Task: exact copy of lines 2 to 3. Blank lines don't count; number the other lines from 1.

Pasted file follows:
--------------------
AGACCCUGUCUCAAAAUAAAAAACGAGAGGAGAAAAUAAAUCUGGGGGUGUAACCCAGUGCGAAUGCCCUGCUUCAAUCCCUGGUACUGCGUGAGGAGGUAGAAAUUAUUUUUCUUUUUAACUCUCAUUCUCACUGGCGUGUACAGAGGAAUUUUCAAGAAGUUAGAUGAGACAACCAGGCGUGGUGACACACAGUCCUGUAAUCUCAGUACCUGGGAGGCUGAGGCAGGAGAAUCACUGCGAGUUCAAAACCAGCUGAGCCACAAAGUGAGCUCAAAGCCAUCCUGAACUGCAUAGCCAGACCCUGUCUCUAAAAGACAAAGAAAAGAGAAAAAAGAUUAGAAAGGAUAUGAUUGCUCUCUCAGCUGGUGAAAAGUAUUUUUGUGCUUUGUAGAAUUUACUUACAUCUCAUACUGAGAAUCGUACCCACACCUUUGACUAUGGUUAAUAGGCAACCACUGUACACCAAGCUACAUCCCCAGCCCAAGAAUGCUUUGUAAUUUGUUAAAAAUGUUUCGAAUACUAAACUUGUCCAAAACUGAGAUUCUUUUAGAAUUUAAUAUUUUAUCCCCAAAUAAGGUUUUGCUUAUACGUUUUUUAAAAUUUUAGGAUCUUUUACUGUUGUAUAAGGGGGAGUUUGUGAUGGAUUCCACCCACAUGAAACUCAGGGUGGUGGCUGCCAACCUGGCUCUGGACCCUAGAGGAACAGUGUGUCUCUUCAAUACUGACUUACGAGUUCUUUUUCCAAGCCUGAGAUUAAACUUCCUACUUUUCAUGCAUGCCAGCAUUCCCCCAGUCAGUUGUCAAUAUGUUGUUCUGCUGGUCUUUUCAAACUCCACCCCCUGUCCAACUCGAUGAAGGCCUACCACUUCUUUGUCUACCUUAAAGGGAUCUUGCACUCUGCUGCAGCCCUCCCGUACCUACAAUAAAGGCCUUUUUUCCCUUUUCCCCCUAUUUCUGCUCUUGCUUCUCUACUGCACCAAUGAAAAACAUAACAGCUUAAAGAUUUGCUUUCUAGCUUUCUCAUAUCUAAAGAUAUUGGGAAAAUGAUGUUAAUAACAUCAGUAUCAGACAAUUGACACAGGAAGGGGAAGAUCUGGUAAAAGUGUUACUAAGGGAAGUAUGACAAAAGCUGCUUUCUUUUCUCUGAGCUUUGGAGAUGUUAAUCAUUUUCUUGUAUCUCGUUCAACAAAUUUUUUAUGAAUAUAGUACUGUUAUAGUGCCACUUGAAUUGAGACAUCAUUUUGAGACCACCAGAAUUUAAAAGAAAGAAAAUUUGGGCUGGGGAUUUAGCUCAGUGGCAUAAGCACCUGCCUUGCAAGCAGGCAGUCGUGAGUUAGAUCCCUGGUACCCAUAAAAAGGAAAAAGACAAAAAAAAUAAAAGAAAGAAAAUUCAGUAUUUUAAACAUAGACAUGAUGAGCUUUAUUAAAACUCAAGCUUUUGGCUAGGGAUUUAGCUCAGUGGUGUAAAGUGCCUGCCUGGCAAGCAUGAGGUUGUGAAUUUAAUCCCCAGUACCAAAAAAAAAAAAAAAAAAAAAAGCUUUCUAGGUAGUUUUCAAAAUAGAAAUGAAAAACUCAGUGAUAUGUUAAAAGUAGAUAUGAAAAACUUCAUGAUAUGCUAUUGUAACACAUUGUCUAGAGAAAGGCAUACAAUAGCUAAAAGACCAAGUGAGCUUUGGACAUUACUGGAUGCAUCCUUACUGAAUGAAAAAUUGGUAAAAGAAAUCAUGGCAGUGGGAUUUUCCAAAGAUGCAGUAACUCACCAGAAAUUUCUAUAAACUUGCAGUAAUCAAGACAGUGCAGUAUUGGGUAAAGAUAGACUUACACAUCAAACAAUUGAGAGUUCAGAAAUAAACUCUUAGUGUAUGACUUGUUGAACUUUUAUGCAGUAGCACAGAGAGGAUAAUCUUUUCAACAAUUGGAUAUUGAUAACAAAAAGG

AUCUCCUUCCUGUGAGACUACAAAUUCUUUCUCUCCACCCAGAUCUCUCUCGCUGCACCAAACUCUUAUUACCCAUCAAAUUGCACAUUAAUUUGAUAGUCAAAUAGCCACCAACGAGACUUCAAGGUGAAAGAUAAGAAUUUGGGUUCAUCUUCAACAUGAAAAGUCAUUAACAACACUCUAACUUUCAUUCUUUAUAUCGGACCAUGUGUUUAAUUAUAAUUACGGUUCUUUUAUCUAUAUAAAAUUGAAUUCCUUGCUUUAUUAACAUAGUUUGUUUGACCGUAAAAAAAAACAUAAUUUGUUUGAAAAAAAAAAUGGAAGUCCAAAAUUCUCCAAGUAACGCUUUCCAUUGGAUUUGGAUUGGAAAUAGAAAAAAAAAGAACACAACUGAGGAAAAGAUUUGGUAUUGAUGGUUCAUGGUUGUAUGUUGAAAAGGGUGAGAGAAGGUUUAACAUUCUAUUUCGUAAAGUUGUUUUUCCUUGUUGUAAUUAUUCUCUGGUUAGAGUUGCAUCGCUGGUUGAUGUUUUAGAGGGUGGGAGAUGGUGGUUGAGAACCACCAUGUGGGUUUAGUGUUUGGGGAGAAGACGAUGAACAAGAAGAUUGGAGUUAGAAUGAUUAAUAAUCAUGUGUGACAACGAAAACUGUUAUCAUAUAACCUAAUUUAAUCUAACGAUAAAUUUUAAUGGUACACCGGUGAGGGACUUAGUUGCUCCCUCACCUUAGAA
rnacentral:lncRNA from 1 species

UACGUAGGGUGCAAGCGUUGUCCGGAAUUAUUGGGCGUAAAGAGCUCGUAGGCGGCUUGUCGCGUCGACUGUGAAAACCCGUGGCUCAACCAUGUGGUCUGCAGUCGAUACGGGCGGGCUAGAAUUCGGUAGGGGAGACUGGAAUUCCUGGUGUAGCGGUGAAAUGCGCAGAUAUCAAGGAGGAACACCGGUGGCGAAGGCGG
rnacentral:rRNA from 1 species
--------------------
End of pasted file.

AUCUCCUUCCUGUGAGACUACAAAUUCUUUCUCUCCACCCAGAUCUCUCUCGCUGCACCAAACUCUUAUUACCCAUCAAAUUGCACAUUAAUUUGAUAGUCAAAUAGCCACCAACGAGACUUCAAGGUGAAAGAUAAGAAUUUGGGUUCAUCUUCAACAUGAAAAGUCAUUAACAACACUCUAACUUUCAUUCUUUAUAUCGGACCAUGUGUUUAAUUAUAAUUACGGUUCUUUUAUCUAUAUAAAAUUGAAUUCCUUGCUUUAUUAACAUAGUUUGUUUGACCGUAAAAAAAAACAUAAUUUGUUUGAAAAAAAAAAUGGAAGUCCAAAAUUCUCCAAGUAACGCUUUCCAUUGGAUUUGGAUUGGAAAUAGAAAAAAAAAGAACACAACUGAGGAAAAGAUUUGGUAUUGAUGGUUCAUGGUUGUAUGUUGAAAAGGGUGAGAGAAGGUUUAACAUUCUAUUUCGUAAAGUUGUUUUUCCUUGUUGUAAUUAUUCUCUGGUUAGAGUUGCAUCGCUGGUUGAUGUUUUAGAGGGUGGGAGAUGGUGGUUGAGAACCACCAUGUGGGUUUAGUGUUUGGGGAGAAGACGAUGAACAAGAAGAUUGGAGUUAGAAUGAUUAAUAAUCAUGUGUGACAACGAAAACUGUUAUCAUAUAACCUAAUUUAAUCUAACGAUAAAUUUUAAUGGUACACCGGUGAGGGACUUAGUUGCUCCCUCACCUUAGAA
rnacentral:lncRNA from 1 species